Me: Single, 36, addicted traveller, wanderer, gypsy, Not sugar free. Mindful eater, could do better. Chronic issues: “anxiety/depression”. Overall happiness factor – pretty high interspersed with moments of blind friggin loneliness and panic and “what’s it all about anyway?-ness”. I love to travel, love the thrill of planning, going, getting there, new people, places, food, insights, adventures… in fact tomorrow I head to London to start yet another big adventure (in shitting self phase today)… what I’m saying is that I have had some of my worst low points when travelling (a day (or 5) in bed/ under a tree/ curled up on a bus going ANYWHERE BUT HERE). I see travelling alone like a giant magnifying glass placed on your behaviour and interactions. There’s no work to be distracted by, no dates with mates, no nothing to define you, no decompression of interactions by people who know you … time, space, thoughts… cheeky Italians telling you you’re too rigid, you smiling and trying to laugh it off and in the inside just unravelling because a stranger can see your behaviour better than you can.

    I get it.

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    Sarah Wilson

    Sarah WilsonSarah Wilson Reply:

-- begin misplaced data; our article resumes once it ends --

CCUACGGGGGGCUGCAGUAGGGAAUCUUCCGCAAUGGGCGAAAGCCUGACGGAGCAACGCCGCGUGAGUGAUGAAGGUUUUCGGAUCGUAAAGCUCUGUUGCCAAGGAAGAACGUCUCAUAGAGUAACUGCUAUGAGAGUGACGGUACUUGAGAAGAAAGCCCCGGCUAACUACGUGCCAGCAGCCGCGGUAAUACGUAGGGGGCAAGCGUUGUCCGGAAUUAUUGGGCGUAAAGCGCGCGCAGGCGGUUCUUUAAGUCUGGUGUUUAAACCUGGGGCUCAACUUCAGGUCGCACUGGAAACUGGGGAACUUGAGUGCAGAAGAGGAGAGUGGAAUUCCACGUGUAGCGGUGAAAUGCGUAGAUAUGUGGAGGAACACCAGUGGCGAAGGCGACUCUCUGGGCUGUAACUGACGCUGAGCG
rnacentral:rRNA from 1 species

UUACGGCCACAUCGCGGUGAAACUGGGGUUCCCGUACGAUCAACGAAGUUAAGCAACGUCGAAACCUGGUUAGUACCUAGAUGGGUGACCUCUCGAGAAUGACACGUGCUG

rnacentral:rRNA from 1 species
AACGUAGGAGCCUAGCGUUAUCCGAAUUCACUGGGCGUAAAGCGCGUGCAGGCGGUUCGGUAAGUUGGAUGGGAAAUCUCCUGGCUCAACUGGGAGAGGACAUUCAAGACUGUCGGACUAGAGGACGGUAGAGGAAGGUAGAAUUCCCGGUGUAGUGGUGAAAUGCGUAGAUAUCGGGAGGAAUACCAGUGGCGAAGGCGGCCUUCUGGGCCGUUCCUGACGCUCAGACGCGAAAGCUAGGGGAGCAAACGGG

I get what you just said! Very insightful about the last bit.

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  • Jess

    Great post. I fail all the time. Nice to hear that others do too!

    So I’m having a very slow Monday morning – can someone tell me what PUMA stands for? My googling is only leading me to stories about mountain cats and fancy athletics gear…

    x

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  • http://www.toolboxformen.com Rees

    Right with you there sister, I was having some tension in a relationship, so I told myself I deserved a box of TV snacks. And they don’t satiate like they once did when junk was my bestie. Groan. Back on the bike. We are funny things us humans.

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  • Paula